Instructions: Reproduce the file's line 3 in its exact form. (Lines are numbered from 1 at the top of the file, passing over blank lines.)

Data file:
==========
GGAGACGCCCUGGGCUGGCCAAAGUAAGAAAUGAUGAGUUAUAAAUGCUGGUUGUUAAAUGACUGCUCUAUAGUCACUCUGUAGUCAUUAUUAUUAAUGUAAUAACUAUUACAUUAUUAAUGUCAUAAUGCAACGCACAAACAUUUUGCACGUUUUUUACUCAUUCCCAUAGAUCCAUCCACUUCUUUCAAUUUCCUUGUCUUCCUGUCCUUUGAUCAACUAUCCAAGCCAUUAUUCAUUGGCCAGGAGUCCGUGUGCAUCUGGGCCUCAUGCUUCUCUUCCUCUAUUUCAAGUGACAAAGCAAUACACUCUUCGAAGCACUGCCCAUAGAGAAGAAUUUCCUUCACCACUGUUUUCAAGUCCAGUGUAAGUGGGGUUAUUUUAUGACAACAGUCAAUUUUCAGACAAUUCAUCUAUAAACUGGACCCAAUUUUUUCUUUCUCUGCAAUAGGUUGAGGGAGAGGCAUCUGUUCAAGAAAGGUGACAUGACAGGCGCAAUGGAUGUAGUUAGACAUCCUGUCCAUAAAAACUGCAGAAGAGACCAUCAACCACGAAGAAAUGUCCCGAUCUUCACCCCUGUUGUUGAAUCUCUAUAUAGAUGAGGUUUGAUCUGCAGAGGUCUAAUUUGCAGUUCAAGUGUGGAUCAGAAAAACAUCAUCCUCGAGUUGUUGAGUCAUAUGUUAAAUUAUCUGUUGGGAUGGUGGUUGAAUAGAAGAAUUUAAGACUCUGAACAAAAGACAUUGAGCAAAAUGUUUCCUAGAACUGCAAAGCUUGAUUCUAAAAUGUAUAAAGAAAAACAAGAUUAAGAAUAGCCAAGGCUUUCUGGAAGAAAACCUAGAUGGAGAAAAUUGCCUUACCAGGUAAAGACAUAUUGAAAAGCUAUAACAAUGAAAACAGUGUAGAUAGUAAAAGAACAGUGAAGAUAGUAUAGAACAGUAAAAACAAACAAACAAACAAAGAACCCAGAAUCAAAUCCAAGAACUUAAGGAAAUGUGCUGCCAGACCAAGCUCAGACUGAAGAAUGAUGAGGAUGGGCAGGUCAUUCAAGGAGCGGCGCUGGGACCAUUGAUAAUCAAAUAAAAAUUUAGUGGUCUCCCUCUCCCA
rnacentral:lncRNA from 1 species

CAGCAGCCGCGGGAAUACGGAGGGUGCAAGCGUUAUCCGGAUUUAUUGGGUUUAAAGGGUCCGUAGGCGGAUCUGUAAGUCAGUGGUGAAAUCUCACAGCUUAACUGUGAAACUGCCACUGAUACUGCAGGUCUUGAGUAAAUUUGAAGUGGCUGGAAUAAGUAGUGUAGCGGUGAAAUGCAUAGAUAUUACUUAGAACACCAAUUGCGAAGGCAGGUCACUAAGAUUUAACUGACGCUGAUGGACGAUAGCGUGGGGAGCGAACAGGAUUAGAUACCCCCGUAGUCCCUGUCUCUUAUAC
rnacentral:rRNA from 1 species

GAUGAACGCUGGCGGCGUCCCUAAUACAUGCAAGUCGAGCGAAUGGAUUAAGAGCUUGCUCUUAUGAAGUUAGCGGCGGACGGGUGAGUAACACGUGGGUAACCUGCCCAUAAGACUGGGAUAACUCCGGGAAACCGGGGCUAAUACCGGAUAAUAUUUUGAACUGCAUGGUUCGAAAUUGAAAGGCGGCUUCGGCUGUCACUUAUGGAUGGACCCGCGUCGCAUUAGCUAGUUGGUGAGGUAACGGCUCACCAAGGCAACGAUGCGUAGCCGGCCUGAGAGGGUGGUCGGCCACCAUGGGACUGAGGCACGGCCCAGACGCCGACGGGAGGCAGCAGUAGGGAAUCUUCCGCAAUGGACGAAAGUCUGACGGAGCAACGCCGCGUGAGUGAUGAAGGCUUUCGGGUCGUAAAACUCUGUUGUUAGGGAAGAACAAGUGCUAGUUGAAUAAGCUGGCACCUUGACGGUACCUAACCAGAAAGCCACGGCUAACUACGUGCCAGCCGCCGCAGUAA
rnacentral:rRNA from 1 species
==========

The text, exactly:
CAGCAGCCGCGGGAAUACGGAGGGUGCAAGCGUUAUCCGGAUUUAUUGGGUUUAAAGGGUCCGUAGGCGGAUCUGUAAGUCAGUGGUGAAAUCUCACAGCUUAACUGUGAAACUGCCACUGAUACUGCAGGUCUUGAGUAAAUUUGAAGUGGCUGGAAUAAGUAGUGUAGCGGUGAAAUGCAUAGAUAUUACUUAGAACACCAAUUGCGAAGGCAGGUCACUAAGAUUUAACUGACGCUGAUGGACGAUAGCGUGGGGAGCGAACAGGAUUAGAUACCCCCGUAGUCCCUGUCUCUUAUAC